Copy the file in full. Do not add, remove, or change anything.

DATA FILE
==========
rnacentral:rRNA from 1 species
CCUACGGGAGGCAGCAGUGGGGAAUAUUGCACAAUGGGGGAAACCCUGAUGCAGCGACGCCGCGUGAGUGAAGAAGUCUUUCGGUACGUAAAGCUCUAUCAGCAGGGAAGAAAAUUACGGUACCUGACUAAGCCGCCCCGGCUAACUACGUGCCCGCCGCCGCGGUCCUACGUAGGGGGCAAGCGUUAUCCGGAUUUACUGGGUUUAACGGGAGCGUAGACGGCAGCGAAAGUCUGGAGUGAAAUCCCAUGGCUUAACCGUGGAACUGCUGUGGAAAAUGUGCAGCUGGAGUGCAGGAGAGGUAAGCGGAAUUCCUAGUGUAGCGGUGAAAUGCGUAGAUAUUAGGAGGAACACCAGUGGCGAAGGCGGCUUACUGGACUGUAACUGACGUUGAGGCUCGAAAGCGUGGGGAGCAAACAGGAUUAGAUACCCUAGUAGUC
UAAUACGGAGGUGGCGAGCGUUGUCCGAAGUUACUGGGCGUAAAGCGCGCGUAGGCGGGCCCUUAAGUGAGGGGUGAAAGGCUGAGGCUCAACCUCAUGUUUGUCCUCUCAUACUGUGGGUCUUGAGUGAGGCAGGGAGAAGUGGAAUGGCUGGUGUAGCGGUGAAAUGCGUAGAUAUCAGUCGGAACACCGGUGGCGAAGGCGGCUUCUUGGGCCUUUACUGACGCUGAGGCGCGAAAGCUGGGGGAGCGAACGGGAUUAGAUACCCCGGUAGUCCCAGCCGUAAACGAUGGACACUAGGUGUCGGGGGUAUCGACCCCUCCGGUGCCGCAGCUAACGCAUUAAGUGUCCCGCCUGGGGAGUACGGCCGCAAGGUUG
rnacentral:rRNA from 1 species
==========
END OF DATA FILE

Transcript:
rnacentral:rRNA from 1 species
CCUACGGGAGGCAGCAGUGGGGAAUAUUGCACAAUGGGGGAAACCCUGAUGCAGCGACGCCGCGUGAGUGAAGAAGUCUUUCGGUACGUAAAGCUCUAUCAGCAGGGAAGAAAAUUACGGUACCUGACUAAGCCGCCCCGGCUAACUACGUGCCCGCCGCCGCGGUCCUACGUAGGGGGCAAGCGUUAUCCGGAUUUACUGGGUUUAACGGGAGCGUAGACGGCAGCGAAAGUCUGGAGUGAAAUCCCAUGGCUUAACCGUGGAACUGCUGUGGAAAAUGUGCAGCUGGAGUGCAGGAGAGGUAAGCGGAAUUCCUAGUGUAGCGGUGAAAUGCGUAGAUAUUAGGAGGAACACCAGUGGCGAAGGCGGCUUACUGGACUGUAACUGACGUUGAGGCUCGAAAGCGUGGGGAGCAAACAGGAUUAGAUACCCUAGUAGUC
UAAUACGGAGGUGGCGAGCGUUGUCCGAAGUUACUGGGCGUAAAGCGCGCGUAGGCGGGCCCUUAAGUGAGGGGUGAAAGGCUGAGGCUCAACCUCAUGUUUGUCCUCUCAUACUGUGGGUCUUGAGUGAGGCAGGGAGAAGUGGAAUGGCUGGUGUAGCGGUGAAAUGCGUAGAUAUCAGUCGGAACACCGGUGGCGAAGGCGGCUUCUUGGGCCUUUACUGACGCUGAGGCGCGAAAGCUGGGGGAGCGAACGGGAUUAGAUACCCCGGUAGUCCCAGCCGUAAACGAUGGACACUAGGUGUCGGGGGUAUCGACCCCUCCGGUGCCGCAGCUAACGCAUUAAGUGUCCCGCCUGGGGAGUACGGCCGCAAGGUUG
rnacentral:rRNA from 1 species